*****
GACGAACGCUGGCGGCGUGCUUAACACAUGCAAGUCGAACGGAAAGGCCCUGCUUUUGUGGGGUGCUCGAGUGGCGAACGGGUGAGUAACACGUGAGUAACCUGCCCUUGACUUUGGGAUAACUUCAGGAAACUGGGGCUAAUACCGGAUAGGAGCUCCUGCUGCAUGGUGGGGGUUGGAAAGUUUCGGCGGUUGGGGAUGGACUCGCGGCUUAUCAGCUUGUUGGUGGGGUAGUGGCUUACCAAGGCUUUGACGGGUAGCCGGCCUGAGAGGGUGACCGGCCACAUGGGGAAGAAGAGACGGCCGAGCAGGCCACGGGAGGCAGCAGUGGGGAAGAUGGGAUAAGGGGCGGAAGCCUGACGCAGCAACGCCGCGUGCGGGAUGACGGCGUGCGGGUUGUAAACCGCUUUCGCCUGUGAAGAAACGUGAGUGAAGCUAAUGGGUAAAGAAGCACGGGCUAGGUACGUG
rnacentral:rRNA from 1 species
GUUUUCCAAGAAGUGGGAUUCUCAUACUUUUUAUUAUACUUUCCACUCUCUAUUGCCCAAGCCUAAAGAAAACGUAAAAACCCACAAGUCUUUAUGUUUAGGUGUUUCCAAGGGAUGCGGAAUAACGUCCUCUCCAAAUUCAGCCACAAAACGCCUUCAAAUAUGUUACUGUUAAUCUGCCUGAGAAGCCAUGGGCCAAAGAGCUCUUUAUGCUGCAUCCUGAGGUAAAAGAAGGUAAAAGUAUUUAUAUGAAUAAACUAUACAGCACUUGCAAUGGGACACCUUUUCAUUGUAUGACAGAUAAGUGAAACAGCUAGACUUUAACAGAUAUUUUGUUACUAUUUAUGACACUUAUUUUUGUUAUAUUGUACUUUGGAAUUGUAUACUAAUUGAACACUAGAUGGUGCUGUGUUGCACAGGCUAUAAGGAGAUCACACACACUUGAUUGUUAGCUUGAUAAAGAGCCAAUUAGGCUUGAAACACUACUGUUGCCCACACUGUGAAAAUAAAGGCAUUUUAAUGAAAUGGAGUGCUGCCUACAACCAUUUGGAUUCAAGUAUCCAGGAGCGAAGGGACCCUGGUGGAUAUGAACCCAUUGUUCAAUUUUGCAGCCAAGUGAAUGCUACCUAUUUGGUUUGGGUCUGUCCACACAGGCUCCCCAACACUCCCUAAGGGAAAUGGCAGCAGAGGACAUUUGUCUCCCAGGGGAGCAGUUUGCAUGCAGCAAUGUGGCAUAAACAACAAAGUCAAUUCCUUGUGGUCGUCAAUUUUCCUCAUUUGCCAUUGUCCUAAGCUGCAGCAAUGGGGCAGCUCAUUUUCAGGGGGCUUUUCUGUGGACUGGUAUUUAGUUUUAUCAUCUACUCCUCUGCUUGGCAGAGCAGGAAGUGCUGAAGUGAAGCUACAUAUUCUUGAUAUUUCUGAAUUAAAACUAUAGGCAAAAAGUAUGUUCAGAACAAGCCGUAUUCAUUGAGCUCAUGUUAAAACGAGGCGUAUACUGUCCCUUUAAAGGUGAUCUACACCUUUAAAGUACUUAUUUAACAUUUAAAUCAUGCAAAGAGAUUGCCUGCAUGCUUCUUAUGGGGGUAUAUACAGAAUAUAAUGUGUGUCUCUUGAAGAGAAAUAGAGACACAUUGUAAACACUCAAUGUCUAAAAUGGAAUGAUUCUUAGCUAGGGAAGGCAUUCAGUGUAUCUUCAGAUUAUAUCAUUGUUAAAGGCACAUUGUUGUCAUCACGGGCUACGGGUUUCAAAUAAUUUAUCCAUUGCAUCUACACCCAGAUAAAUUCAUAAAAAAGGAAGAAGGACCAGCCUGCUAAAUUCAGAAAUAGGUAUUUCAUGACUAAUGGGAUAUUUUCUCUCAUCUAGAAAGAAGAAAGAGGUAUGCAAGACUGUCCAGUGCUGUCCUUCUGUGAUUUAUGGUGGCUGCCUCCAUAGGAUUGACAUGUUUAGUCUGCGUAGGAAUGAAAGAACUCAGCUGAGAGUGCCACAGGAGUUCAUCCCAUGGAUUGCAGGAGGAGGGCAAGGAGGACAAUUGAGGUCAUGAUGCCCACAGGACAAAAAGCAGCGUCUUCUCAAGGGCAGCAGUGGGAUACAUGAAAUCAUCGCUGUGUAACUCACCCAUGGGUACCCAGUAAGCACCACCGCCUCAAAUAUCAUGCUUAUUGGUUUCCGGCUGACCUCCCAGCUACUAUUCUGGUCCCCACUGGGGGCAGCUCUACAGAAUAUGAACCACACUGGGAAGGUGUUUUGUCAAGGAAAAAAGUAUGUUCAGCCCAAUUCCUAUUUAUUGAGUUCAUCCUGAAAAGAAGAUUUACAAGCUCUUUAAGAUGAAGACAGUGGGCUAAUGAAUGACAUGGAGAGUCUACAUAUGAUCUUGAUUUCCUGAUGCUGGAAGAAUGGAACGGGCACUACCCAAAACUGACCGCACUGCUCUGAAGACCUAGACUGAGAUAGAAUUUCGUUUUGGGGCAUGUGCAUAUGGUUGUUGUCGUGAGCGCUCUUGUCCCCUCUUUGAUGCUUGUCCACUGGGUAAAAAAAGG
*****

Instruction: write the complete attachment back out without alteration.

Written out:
GACGAACGCUGGCGGCGUGCUUAACACAUGCAAGUCGAACGGAAAGGCCCUGCUUUUGUGGGGUGCUCGAGUGGCGAACGGGUGAGUAACACGUGAGUAACCUGCCCUUGACUUUGGGAUAACUUCAGGAAACUGGGGCUAAUACCGGAUAGGAGCUCCUGCUGCAUGGUGGGGGUUGGAAAGUUUCGGCGGUUGGGGAUGGACUCGCGGCUUAUCAGCUUGUUGGUGGGGUAGUGGCUUACCAAGGCUUUGACGGGUAGCCGGCCUGAGAGGGUGACCGGCCACAUGGGGAAGAAGAGACGGCCGAGCAGGCCACGGGAGGCAGCAGUGGGGAAGAUGGGAUAAGGGGCGGAAGCCUGACGCAGCAACGCCGCGUGCGGGAUGACGGCGUGCGGGUUGUAAACCGCUUUCGCCUGUGAAGAAACGUGAGUGAAGCUAAUGGGUAAAGAAGCACGGGCUAGGUACGUG
rnacentral:rRNA from 1 species
GUUUUCCAAGAAGUGGGAUUCUCAUACUUUUUAUUAUACUUUCCACUCUCUAUUGCCCAAGCCUAAAGAAAACGUAAAAACCCACAAGUCUUUAUGUUUAGGUGUUUCCAAGGGAUGCGGAAUAACGUCCUCUCCAAAUUCAGCCACAAAACGCCUUCAAAUAUGUUACUGUUAAUCUGCCUGAGAAGCCAUGGGCCAAAGAGCUCUUUAUGCUGCAUCCUGAGGUAAAAGAAGGUAAAAGUAUUUAUAUGAAUAAACUAUACAGCACUUGCAAUGGGACACCUUUUCAUUGUAUGACAGAUAAGUGAAACAGCUAGACUUUAACAGAUAUUUUGUUACUAUUUAUGACACUUAUUUUUGUUAUAUUGUACUUUGGAAUUGUAUACUAAUUGAACACUAGAUGGUGCUGUGUUGCACAGGCUAUAAGGAGAUCACACACACUUGAUUGUUAGCUUGAUAAAGAGCCAAUUAGGCUUGAAACACUACUGUUGCCCACACUGUGAAAAUAAAGGCAUUUUAAUGAAAUGGAGUGCUGCCUACAACCAUUUGGAUUCAAGUAUCCAGGAGCGAAGGGACCCUGGUGGAUAUGAACCCAUUGUUCAAUUUUGCAGCCAAGUGAAUGCUACCUAUUUGGUUUGGGUCUGUCCACACAGGCUCCCCAACACUCCCUAAGGGAAAUGGCAGCAGAGGACAUUUGUCUCCCAGGGGAGCAGUUUGCAUGCAGCAAUGUGGCAUAAACAACAAAGUCAAUUCCUUGUGGUCGUCAAUUUUCCUCAUUUGCCAUUGUCCUAAGCUGCAGCAAUGGGGCAGCUCAUUUUCAGGGGGCUUUUCUGUGGACUGGUAUUUAGUUUUAUCAUCUACUCCUCUGCUUGGCAGAGCAGGAAGUGCUGAAGUGAAGCUACAUAUUCUUGAUAUUUCUGAAUUAAAACUAUAGGCAAAAAGUAUGUUCAGAACAAGCCGUAUUCAUUGAGCUCAUGUUAAAACGAGGCGUAUACUGUCCCUUUAAAGGUGAUCUACACCUUUAAAGUACUUAUUUAACAUUUAAAUCAUGCAAAGAGAUUGCCUGCAUGCUUCUUAUGGGGGUAUAUACAGAAUAUAAUGUGUGUCUCUUGAAGAGAAAUAGAGACACAUUGUAAACACUCAAUGUCUAAAAUGGAAUGAUUCUUAGCUAGGGAAGGCAUUCAGUGUAUCUUCAGAUUAUAUCAUUGUUAAAGGCACAUUGUUGUCAUCACGGGCUACGGGUUUCAAAUAAUUUAUCCAUUGCAUCUACACCCAGAUAAAUUCAUAAAAAAGGAAGAAGGACCAGCCUGCUAAAUUCAGAAAUAGGUAUUUCAUGACUAAUGGGAUAUUUUCUCUCAUCUAGAAAGAAGAAAGAGGUAUGCAAGACUGUCCAGUGCUGUCCUUCUGUGAUUUAUGGUGGCUGCCUCCAUAGGAUUGACAUGUUUAGUCUGCGUAGGAAUGAAAGAACUCAGCUGAGAGUGCCACAGGAGUUCAUCCCAUGGAUUGCAGGAGGAGGGCAAGGAGGACAAUUGAGGUCAUGAUGCCCACAGGACAAAAAGCAGCGUCUUCUCAAGGGCAGCAGUGGGAUACAUGAAAUCAUCGCUGUGUAACUCACCCAUGGGUACCCAGUAAGCACCACCGCCUCAAAUAUCAUGCUUAUUGGUUUCCGGCUGACCUCCCAGCUACUAUUCUGGUCCCCACUGGGGGCAGCUCUACAGAAUAUGAACCACACUGGGAAGGUGUUUUGUCAAGGAAAAAAGUAUGUUCAGCCCAAUUCCUAUUUAUUGAGUUCAUCCUGAAAAGAAGAUUUACAAGCUCUUUAAGAUGAAGACAGUGGGCUAAUGAAUGACAUGGAGAGUCUACAUAUGAUCUUGAUUUCCUGAUGCUGGAAGAAUGGAACGGGCACUACCCAAAACUGACCGCACUGCUCUGAAGACCUAGACUGAGAUAGAAUUUCGUUUUGGGGCAUGUGCAUAUGGUUGUUGUCGUGAGCGCUCUUGUCCCCUCUUUGAUGCUUGUCCACUGGGUAAAAAAAGG